Farmer's Reducer for film?greenspun.com : LUSENET : B&W Photo - Film & Processing : One Thread
I have few too dense negatives difficult to print. Can I use normal farmer's reducer? Is it safe too use diluted?.
-- Antti J. Hyvdrinen (firstname.lastname@example.org), August 19, 1999
Yes, you can use Farmer's reducer on silver-based negatives, but be careful: You must not leave the negative in the reducer until it looks right, because the reducer continues to work a while when the negative is already in the water bath again. I would recommend not using too strong a solution.
If the negative is unique, consider duplicating it. Also, practice on a scrap negative.
Proceed as follows:
1) Presoak the negative in water. 2) Dip it into the reducer for a short while, then put it in water again. 3) Wait for a minute or so. 4) Repeat 2) and 3) until the negative looks right.
There is one more thing to consider: The reducer will also reduce the thin areas. If the negative is only difficult to print because exposure times are long, but it is otherwise OK, I would recommend living with the long exposures and not reducing the negative.
-- Thomas Wollstein (email@example.com), August 19, 1999.
Alternatively, look at proportional or superproportional reducers. Farmers reducer used with solution A and B mixed together is a cutting reducer i.e., it reduces densities equally across high and low density areas. This means (unless you overexposed the neg badly) you risk losing your critical shadow densities. I've heard that you can use solution A followed by solution B and that gives you a proportional reducer i.e., the reduction is proportional to the density values, so high densities are reduced more than low densities and you get a lower contrast range. Alternatively, you can use a super proportional reducer which affects the highlight densities a lot more which means you will get an even lower contrast range. Photographers formulary has this stuff. Hope this helps. DJ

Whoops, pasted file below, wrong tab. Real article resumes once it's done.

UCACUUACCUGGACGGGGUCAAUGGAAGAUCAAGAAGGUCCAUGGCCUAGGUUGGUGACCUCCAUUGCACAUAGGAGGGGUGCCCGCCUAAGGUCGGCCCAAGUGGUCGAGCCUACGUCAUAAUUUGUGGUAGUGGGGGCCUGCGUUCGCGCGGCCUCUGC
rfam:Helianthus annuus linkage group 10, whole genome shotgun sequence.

-- N Dhananjay (firstname.lastname@example.org), August 20, 1999.
I read that a dilute Farmer's reducer is the cheapest proportional reducer.
-- Thomas Wollstein (email@example.com), August 20, 1999.
Antii, Unless you have very valuable negatives, don't bother. You will end up with no density in the shadow areas and still too much density in the highlight areas. Just re-shoot and learn from the experience. Negative reduction is possible but very hard to achieve tyhe desired results. So don't waste the time doing it unless you are very practiced in the darkroom. I can do it but I'm also very good in the darkroom and it doesn't always come out right anyway. So just go out and shoot the stuff again and learn from your mistakes. James
-- james (firstname.lastname@example.org), August 21, 1999.
James, so how does one learn unless they try it? In fact, non-valuable negatives are the best ones to try and learn on.
-- Terry Carraway (TCarraway@compuserve.com), August 23, 1999.
Terry, to answer your question, bleaching with ferricyanide is not the answer to the dilema unless you are very precise and accomplished in the darkroom. It is not something to use to overcome a problem with exposure. It is however "very unpredictable." Ferricyanide acts on all the silver equally. Therefore the shadow densities get eaten up before any appreciable density changes occur in the highlight areas of the neg. What you end up with is a negative that has no density in the shadows and still the same densities in the highlight areas so it just gets worse. If you have a 4 or 5 stop "overly dense" negative that is already 2 or 3 stops overexposed, then and only then will you have a chance to modify your negative in a positive manner. So with this in mind I hope you see the efficacy of my statement to the question. By all means have at it and try reducing with Farmers Reducer. But don't expect an improvement in the neg. It will have nice blacks but no detail in the blacks. James
-- lumberjack (email@example.com), August 26, 1999.
The talk was about using proportional reducers to help fix these negatives. And you advice was you might be able to do it because you were so good in the darkroom, but mere mortals couldn't do it.
I was just trying to point out that just saying don't do it because you aren't skilled enough isn't helpful.
Maybe Farmer's Reducer isn't the best thing to use, so what is? And the way people learn is by doing. If the neagtives are too dense to print well, you don't lose anything be practicing on them, or if you want to learn, you can intentionally over expose some film and practice on it.
-- Terry Carraway (TCarraway@compuserve.com), August 26, 1999.
I'm trying to keep the inexperienced from trying to fix a mistake on an important piece of film. I am experienced in the darkroom yes. And I still get uneven results with reducers. It is not a good way to fix mistakes. I want the new photographers/printers to refine their exposure techniques so they don't have to resort to such extreme methods in the first place. If they want to experiment with reducing negatives and prints then by all means do it. That's how I learned but it should never become a crutch. Even with proportional reducers there is to much chance of reducing your shadows to nothing. Jmaes
-- james (firstname.lastname@example.org), August 27, 1999.